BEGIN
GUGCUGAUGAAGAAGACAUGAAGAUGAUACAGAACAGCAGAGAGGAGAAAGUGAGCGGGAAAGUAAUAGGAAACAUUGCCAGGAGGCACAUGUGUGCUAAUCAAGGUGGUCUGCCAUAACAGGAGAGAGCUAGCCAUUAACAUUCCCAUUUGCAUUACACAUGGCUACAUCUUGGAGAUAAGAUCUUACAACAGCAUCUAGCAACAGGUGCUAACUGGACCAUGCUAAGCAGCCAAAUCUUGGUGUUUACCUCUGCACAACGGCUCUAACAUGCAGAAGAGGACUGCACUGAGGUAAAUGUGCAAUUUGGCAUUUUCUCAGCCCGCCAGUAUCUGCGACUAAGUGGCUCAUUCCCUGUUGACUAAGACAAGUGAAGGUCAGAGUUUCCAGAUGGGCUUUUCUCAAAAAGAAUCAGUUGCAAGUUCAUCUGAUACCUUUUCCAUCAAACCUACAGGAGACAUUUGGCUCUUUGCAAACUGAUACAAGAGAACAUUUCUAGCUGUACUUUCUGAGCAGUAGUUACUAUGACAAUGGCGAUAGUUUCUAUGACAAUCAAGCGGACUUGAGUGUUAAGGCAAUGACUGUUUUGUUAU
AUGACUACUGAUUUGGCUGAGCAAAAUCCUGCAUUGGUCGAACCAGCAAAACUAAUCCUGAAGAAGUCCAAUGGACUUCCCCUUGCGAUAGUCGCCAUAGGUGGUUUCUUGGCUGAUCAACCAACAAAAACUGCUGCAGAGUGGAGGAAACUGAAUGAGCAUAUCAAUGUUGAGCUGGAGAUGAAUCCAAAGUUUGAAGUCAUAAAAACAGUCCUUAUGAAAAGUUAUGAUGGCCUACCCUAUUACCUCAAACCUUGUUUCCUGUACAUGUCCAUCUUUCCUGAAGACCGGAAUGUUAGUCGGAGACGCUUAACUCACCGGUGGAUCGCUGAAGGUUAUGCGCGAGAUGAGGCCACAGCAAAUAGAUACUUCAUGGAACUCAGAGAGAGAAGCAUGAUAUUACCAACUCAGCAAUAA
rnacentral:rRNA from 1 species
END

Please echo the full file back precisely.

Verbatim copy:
GUGCUGAUGAAGAAGACAUGAAGAUGAUACAGAACAGCAGAGAGGAGAAAGUGAGCGGGAAAGUAAUAGGAAACAUUGCCAGGAGGCACAUGUGUGCUAAUCAAGGUGGUCUGCCAUAACAGGAGAGAGCUAGCCAUUAACAUUCCCAUUUGCAUUACACAUGGCUACAUCUUGGAGAUAAGAUCUUACAACAGCAUCUAGCAACAGGUGCUAACUGGACCAUGCUAAGCAGCCAAAUCUUGGUGUUUACCUCUGCACAACGGCUCUAACAUGCAGAAGAGGACUGCACUGAGGUAAAUGUGCAAUUUGGCAUUUUCUCAGCCCGCCAGUAUCUGCGACUAAGUGGCUCAUUCCCUGUUGACUAAGACAAGUGAAGGUCAGAGUUUCCAGAUGGGCUUUUCUCAAAAAGAAUCAGUUGCAAGUUCAUCUGAUACCUUUUCCAUCAAACCUACAGGAGACAUUUGGCUCUUUGCAAACUGAUACAAGAGAACAUUUCUAGCUGUACUUUCUGAGCAGUAGUUACUAUGACAAUGGCGAUAGUUUCUAUGACAAUCAAGCGGACUUGAGUGUUAAGGCAAUGACUGUUUUGUUAU
AUGACUACUGAUUUGGCUGAGCAAAAUCCUGCAUUGGUCGAACCAGCAAAACUAAUCCUGAAGAAGUCCAAUGGACUUCCCCUUGCGAUAGUCGCCAUAGGUGGUUUCUUGGCUGAUCAACCAACAAAAACUGCUGCAGAGUGGAGGAAACUGAAUGAGCAUAUCAAUGUUGAGCUGGAGAUGAAUCCAAAGUUUGAAGUCAUAAAAACAGUCCUUAUGAAAAGUUAUGAUGGCCUACCCUAUUACCUCAAACCUUGUUUCCUGUACAUGUCCAUCUUUCCUGAAGACCGGAAUGUUAGUCGGAGACGCUUAACUCACCGGUGGAUCGCUGAAGGUUAUGCGCGAGAUGAGGCCACAGCAAAUAGAUACUUCAUGGAACUCAGAGAGAGAAGCAUGAUAUUACCAACUCAGCAAUAA
rnacentral:rRNA from 1 species